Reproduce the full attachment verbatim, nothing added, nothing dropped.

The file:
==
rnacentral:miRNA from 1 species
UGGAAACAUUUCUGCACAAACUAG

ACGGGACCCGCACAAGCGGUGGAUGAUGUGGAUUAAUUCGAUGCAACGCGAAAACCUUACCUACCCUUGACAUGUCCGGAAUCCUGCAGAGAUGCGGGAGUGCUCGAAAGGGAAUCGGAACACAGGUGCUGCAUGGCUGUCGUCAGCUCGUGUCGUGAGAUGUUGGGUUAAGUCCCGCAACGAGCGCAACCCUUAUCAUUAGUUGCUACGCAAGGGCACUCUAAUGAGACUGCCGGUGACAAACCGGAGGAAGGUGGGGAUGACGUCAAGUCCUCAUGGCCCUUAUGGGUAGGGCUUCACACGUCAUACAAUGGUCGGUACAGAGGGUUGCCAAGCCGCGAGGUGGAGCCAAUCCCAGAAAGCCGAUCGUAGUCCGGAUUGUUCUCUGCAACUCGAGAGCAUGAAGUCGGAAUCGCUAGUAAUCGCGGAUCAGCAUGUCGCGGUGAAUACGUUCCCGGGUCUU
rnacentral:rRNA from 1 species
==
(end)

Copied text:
rnacentral:miRNA from 1 species
UGGAAACAUUUCUGCACAAACUAG

ACGGGACCCGCACAAGCGGUGGAUGAUGUGGAUUAAUUCGAUGCAACGCGAAAACCUUACCUACCCUUGACAUGUCCGGAAUCCUGCAGAGAUGCGGGAGUGCUCGAAAGGGAAUCGGAACACAGGUGCUGCAUGGCUGUCGUCAGCUCGUGUCGUGAGAUGUUGGGUUAAGUCCCGCAACGAGCGCAACCCUUAUCAUUAGUUGCUACGCAAGGGCACUCUAAUGAGACUGCCGGUGACAAACCGGAGGAAGGUGGGGAUGACGUCAAGUCCUCAUGGCCCUUAUGGGUAGGGCUUCACACGUCAUACAAUGGUCGGUACAGAGGGUUGCCAAGCCGCGAGGUGGAGCCAAUCCCAGAAAGCCGAUCGUAGUCCGGAUUGUUCUCUGCAACUCGAGAGCAUGAAGUCGGAAUCGCUAGUAAUCGCGGAUCAGCAUGUCGCGGUGAAUACGUUCCCGGGUCUU
rnacentral:rRNA from 1 species